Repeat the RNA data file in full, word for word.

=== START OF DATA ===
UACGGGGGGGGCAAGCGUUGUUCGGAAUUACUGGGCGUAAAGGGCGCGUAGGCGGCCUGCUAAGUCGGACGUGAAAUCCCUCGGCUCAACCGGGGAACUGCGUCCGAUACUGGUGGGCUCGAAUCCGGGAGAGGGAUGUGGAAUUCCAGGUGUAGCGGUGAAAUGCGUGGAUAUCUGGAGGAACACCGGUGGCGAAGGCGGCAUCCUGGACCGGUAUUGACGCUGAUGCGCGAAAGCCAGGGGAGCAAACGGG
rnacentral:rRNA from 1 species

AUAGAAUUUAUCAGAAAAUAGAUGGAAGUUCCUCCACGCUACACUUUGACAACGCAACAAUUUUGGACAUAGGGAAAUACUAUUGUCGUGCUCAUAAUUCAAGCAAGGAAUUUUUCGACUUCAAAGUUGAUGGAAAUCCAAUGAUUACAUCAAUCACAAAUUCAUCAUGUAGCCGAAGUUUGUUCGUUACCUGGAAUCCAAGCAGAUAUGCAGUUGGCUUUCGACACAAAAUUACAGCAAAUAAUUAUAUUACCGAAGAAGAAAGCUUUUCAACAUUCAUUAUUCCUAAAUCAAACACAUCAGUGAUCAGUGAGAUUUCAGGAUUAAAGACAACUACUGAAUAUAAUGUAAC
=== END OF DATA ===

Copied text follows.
UACGGGGGGGGCAAGCGUUGUUCGGAAUUACUGGGCGUAAAGGGCGCGUAGGCGGCCUGCUAAGUCGGACGUGAAAUCCCUCGGCUCAACCGGGGAACUGCGUCCGAUACUGGUGGGCUCGAAUCCGGGAGAGGGAUGUGGAAUUCCAGGUGUAGCGGUGAAAUGCGUGGAUAUCUGGAGGAACACCGGUGGCGAAGGCGGCAUCCUGGACCGGUAUUGACGCUGAUGCGCGAAAGCCAGGGGAGCAAACGGG
rnacentral:rRNA from 1 species

AUAGAAUUUAUCAGAAAAUAGAUGGAAGUUCCUCCACGCUACACUUUGACAACGCAACAAUUUUGGACAUAGGGAAAUACUAUUGUCGUGCUCAUAAUUCAAGCAAGGAAUUUUUCGACUUCAAAGUUGAUGGAAAUCCAAUGAUUACAUCAAUCACAAAUUCAUCAUGUAGCCGAAGUUUGUUCGUUACCUGGAAUCCAAGCAGAUAUGCAGUUGGCUUUCGACACAAAAUUACAGCAAAUAAUUAUAUUACCGAAGAAGAAAGCUUUUCAACAUUCAUUAUUCCUAAAUCAAACACAUCAGUGAUCAGUGAGAUUUCAGGAUUAAAGACAACUACUGAAUAUAAUGUAAC